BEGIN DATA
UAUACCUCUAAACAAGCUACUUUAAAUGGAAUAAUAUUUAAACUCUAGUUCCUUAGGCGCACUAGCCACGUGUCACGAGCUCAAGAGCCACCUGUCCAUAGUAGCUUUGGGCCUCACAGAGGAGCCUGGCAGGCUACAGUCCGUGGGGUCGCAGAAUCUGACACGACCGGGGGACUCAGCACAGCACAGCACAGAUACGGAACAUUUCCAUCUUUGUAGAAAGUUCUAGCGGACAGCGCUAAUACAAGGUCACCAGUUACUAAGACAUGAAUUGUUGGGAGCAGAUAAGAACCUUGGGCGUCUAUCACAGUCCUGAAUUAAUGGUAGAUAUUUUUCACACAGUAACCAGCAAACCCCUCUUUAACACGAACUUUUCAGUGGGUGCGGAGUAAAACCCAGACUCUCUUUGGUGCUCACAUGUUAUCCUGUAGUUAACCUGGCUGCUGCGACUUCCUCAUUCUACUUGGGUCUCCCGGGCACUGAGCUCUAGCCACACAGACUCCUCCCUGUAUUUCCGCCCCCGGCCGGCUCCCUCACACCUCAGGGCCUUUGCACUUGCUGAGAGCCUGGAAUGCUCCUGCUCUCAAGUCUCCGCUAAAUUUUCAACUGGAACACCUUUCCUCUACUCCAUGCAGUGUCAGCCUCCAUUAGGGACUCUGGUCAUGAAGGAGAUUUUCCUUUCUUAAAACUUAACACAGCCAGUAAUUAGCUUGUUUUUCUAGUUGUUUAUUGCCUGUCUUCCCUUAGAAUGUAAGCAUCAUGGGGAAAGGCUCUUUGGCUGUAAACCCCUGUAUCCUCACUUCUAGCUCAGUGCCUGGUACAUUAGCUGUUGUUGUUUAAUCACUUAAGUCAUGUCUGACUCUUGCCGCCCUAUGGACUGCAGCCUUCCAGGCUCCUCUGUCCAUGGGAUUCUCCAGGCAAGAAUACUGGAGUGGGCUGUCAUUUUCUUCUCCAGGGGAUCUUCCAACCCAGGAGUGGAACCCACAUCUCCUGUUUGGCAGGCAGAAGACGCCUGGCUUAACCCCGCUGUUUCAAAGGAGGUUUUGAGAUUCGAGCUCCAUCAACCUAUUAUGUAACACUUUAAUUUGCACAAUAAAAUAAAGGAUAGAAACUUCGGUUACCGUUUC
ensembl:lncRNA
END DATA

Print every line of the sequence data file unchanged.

UAUACCUCUAAACAAGCUACUUUAAAUGGAAUAAUAUUUAAACUCUAGUUCCUUAGGCGCACUAGCCACGUGUCACGAGCUCAAGAGCCACCUGUCCAUAGUAGCUUUGGGCCUCACAGAGGAGCCUGGCAGGCUACAGUCCGUGGGGUCGCAGAAUCUGACACGACCGGGGGACUCAGCACAGCACAGCACAGAUACGGAACAUUUCCAUCUUUGUAGAAAGUUCUAGCGGACAGCGCUAAUACAAGGUCACCAGUUACUAAGACAUGAAUUGUUGGGAGCAGAUAAGAACCUUGGGCGUCUAUCACAGUCCUGAAUUAAUGGUAGAUAUUUUUCACACAGUAACCAGCAAACCCCUCUUUAACACGAACUUUUCAGUGGGUGCGGAGUAAAACCCAGACUCUCUUUGGUGCUCACAUGUUAUCCUGUAGUUAACCUGGCUGCUGCGACUUCCUCAUUCUACUUGGGUCUCCCGGGCACUGAGCUCUAGCCACACAGACUCCUCCCUGUAUUUCCGCCCCCGGCCGGCUCCCUCACACCUCAGGGCCUUUGCACUUGCUGAGAGCCUGGAAUGCUCCUGCUCUCAAGUCUCCGCUAAAUUUUCAACUGGAACACCUUUCCUCUACUCCAUGCAGUGUCAGCCUCCAUUAGGGACUCUGGUCAUGAAGGAGAUUUUCCUUUCUUAAAACUUAACACAGCCAGUAAUUAGCUUGUUUUUCUAGUUGUUUAUUGCCUGUCUUCCCUUAGAAUGUAAGCAUCAUGGGGAAAGGCUCUUUGGCUGUAAACCCCUGUAUCCUCACUUCUAGCUCAGUGCCUGGUACAUUAGCUGUUGUUGUUUAAUCACUUAAGUCAUGUCUGACUCUUGCCGCCCUAUGGACUGCAGCCUUCCAGGCUCCUCUGUCCAUGGGAUUCUCCAGGCAAGAAUACUGGAGUGGGCUGUCAUUUUCUUCUCCAGGGGAUCUUCCAACCCAGGAGUGGAACCCACAUCUCCUGUUUGGCAGGCAGAAGACGCCUGGCUUAACCCCGCUGUUUCAAAGGAGGUUUUGAGAUUCGAGCUCCAUCAACCUAUUAUGUAACACUUUAAUUUGCACAAUAAAAUAAAGGAUAGAAACUUCGGUUACCGUUUC
ensembl:lncRNA